I write sonnets to hold myself together.

Tag: family

Carrying capacity looms nigh, pioneer perspectives course deep

Context — Older generations give us wisdom based on the worlds they grew up in. The pace of change is accelerating. At some point, those perspectives passed on with love to protect us in a scary world become antiquated. But only if everybody changes at once.


The problem’s expectations, set by us
revealed with time and wisdom to fall short
of anything but fabricated fuss
created by the elders to escort
decisions young folks made towards lives like theirs–
the Greatest Generation’s–thinking cash
accrual’s goal. Naivete prepares
us swallow lessons, age, same pith rehash.
And so me-first and jockeying grew to
perspectives dominating culture, where
economy’s complexities force you
to hoard, fear loss, distrust, and rank-compare.
With limits presaged on this greed we’ve farmed
rethink these dated memes and let’s disarm.

A seance for my grandmother

Context — I never learned as much from my ancestors as I should have. At this life stage, it’s making me wish I’d known how to do that better.

I knew no way in which I’d ever walk
down paths that those before me here have tread,
thought words they shared halfwitted poppycock
accrued by minds who’ve lesser lives here led.
Myopia and utter hubris were
Achilles’ heel while growing up, and now
I’ve lost so many joys to what recurs
from failing to have learned lessons endowed.
Exuberance at bushwhacking own trail
has waned, exertion heavy to the bone,
as age begun on body to detail
and threatens to leave me two score, alone.
With wand I’d wish to summon parents past,
soliciting their wisdom life’s amassed.

The Chorus’ hand makes queen its pawns

Context — When real life in retrospect is always a palpably identifiable human story, why do we pretend there aren’t narratives to our single days?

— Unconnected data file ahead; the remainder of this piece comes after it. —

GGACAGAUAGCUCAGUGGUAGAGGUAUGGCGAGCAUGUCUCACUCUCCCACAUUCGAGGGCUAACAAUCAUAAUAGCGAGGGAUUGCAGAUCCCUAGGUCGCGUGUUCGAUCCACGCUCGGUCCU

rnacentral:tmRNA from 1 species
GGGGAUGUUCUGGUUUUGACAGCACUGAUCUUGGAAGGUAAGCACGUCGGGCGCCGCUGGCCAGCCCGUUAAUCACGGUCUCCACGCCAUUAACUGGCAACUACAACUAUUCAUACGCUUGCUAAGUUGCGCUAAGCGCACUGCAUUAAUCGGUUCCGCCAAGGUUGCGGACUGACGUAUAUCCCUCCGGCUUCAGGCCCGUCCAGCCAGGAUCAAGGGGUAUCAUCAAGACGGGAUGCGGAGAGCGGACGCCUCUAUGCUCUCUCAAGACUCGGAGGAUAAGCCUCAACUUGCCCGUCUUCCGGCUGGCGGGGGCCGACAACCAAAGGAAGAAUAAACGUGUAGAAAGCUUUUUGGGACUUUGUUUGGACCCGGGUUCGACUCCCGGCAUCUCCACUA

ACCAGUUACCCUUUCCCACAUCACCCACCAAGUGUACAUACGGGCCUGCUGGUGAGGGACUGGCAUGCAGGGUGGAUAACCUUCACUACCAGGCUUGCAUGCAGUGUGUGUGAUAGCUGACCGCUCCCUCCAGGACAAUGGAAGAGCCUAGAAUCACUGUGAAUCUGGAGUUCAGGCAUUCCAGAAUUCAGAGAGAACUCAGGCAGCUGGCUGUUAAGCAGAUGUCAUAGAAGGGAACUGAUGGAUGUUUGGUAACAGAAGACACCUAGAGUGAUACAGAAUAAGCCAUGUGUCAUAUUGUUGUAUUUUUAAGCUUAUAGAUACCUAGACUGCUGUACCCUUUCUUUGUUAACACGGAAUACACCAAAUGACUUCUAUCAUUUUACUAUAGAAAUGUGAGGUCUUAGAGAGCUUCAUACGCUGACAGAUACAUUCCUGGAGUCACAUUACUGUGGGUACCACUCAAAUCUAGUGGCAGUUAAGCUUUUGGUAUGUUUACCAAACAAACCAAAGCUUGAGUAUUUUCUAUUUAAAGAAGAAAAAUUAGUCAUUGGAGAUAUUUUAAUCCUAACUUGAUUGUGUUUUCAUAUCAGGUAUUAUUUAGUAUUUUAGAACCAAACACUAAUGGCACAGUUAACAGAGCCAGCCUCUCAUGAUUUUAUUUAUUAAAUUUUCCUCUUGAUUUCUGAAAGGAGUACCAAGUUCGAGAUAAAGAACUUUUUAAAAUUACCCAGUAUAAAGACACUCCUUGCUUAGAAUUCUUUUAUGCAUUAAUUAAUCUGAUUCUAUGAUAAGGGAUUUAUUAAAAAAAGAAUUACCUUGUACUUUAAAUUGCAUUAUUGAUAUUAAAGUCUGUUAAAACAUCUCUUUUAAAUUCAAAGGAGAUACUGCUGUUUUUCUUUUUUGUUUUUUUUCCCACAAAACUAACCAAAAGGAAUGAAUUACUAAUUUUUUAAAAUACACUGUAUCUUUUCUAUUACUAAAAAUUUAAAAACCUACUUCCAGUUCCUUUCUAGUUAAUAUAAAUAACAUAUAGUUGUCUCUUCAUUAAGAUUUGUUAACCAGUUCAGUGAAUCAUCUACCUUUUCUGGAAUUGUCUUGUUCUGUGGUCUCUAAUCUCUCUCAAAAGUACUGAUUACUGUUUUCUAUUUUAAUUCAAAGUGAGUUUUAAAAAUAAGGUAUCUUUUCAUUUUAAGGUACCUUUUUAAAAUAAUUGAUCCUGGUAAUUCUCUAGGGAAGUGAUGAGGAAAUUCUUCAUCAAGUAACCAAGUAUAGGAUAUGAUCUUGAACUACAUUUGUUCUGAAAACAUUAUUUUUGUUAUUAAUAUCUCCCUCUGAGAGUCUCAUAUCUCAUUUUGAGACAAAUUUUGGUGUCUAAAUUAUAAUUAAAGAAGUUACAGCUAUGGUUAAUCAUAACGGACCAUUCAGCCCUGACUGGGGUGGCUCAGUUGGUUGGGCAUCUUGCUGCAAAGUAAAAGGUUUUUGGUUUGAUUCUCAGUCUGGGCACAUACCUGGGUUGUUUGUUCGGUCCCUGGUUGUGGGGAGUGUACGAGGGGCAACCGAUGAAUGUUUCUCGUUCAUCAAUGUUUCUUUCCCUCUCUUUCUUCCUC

The elderly retell childhood with ease,
their flings, dates, jobs, moves, best shenanigans.
They tell us time moves quickly as it please,
past want to set when things began. Akin
to Fates they wrote about in ancient Greece,
who hidden from protagonist would sing
for audience mercurial caprice
that they delightfully each act would bring.
As grandpa sits reflecting decades gone,
his story Everyman’s, it’s hard to think
that some believe that people aren’t but pawns
aboard prodigious board, where Fates’ hands clink
a piece from checkered black to white to black
as bade by shifting cosmic almanac.

Gifts of Thirty: Option 1

Context — Someone wonderful turned 30 last year. I described my gift in 5 sonnets, released over the course of this week. #2 of 5


The first is a pursuit of family:
a liberated week in which we both
fly to a spot where I’m the inductee
who meets and greets whom you’ve to date been loath
to introduce me to. You’d get to see
the people whom you hold so near and dear
in time and place where their improved esprit
would, over recent heartache, domineer.
Location, certainly, would be your choice
though now I’d think an Arizona or
Chicago sojourn best for such rejoice.
I’d see firsthand your mirth as we explore
the bridges where your family divides
and places in your heart where it resides.

Harold the child does things alliteratively

Context — Once when sauced I had this vision of a kid leaving a kitchen in ruins on his ascent up towards a shortbread cookie. For some reason, I only wanted to alliterate.


As harrowed Harold held the handle high
his eyes surmised the prize that size disguised,
sublimely seated sweet of shortbread, spied
in droves, the groves of garlic cloves surprised
him in their quantity, as wanting, he
rethought approach that broached their stinky moat